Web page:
Monday, 3 February 2014

Opinion: These Narcissistic Religious Homophobes

You don’t know me now
I just got on the train in London, and there I recognised an old friend from secondary school, this was 13 years after we left school and 8 years after I last saw him in Nigeria.
We had hardly exchanged greetings before he asked, “Where do you church?” it was a Sunday, and I was not coming from church nor going to one. As I answered, that I was not going to one, the conversation ended there, and it was like I had become a nobody, invisible and inconsequential.
Now, this was someone who in secondary school was not just a friend, there was much else that happened between us, that is another story.
A fiend of a friend
However, today, that memory was revived when my friend who is somewhat like a kid brother too, Bisi Alimi shared on Facebook a letter he received from a ‘friend’ who he had not seen for nigh on 20 years and on seeing Bisi’s appearance on CNN with Christiane Amanpour wrote an atrocious missive questioning Bisi’s sexuality and much else.
This was my contribution to the commentary that followed on Facebook:
This is what tires me about people who profess to be Christians, they ignore the person for the purpose of their religious pomposity. I have no time for people who having not seen me or interacted with me for ages think they suddenly can begin to impact any aspect of my life in anyway.

The effrontery of intrusiveness is not only disrespectful, it negates whatever purpose they have in mind and it is utterly annoying to think we all think the same deluded and blinkered way.

These hardly travelled ignorant nonentities who suddenly think they know the world and the expressway to heaven make me sick. Very sick indeed.
Whatever I am is not your business
I make no bones about the fact that I love gays, anyone who has followed my blog or the catalogue of my writings over the last decade would have noticed that I write a lot about homosexuality, amongst other things as child sexual abuse, the abuse of women, religious abuse, heinous cruelty, intolerance within humanity, human rights and else.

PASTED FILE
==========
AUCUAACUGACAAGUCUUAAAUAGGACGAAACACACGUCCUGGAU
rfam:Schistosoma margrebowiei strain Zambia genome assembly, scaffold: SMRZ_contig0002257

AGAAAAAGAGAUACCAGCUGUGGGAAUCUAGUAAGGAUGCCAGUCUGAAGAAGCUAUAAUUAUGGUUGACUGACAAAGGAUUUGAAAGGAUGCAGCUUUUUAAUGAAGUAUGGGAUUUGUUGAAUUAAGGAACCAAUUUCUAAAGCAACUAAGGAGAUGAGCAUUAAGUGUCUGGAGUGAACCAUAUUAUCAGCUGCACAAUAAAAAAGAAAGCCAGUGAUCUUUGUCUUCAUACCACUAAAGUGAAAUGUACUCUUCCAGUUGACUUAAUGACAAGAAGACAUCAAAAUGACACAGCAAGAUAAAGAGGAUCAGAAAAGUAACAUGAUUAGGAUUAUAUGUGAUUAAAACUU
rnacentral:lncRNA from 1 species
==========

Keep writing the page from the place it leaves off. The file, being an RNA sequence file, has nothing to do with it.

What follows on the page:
Yet, I do not believe my sexuality is for public discussion, it is my business alone who I decide to love and share my sexual favours with, it should be of no concern to anyone but myself and whoever in a consensual liaison decides they want to spend intimate and quality time with me.
The pursuit of happiness, my happiness, is mine and mine alone to pursue, I do not subscribe to the communal or society view that I should be assimilated into certain cultural or traditional norms to satisfy those with familial, filial or some other relational affinity to me.
I am human, first
It is no secret that I am not married, I have never married, I do not have children and well, basically, I cannot have children after chemotherapy. I have made peace with myself about what my life is, I am blessed, and I am a survivor.
Most importantly, I am human first, I celebrate humanity, I celebrate diversity and seek to be a better person with thoughtfulness, understanding and knowing that if I have not walked a hard, long mile in another’s person’s shoes, I am far from pretending to the full knowledge of their experiences.
The marriage debate
After that Anti-Gay Bill was signed into law in Nigeria, I have been quite enamoured by the greater tolerance and reasonableness amongst many straight Nigerians who have elevated their core humanity above beliefs, traditions and altars of gruesome impugning accusation of others to embrace diversity, justice, fairness and human rights. They have displayed a very rare example of Good Samaritan humanity recognising that difference is no excuse to persecute, prosecute and execute.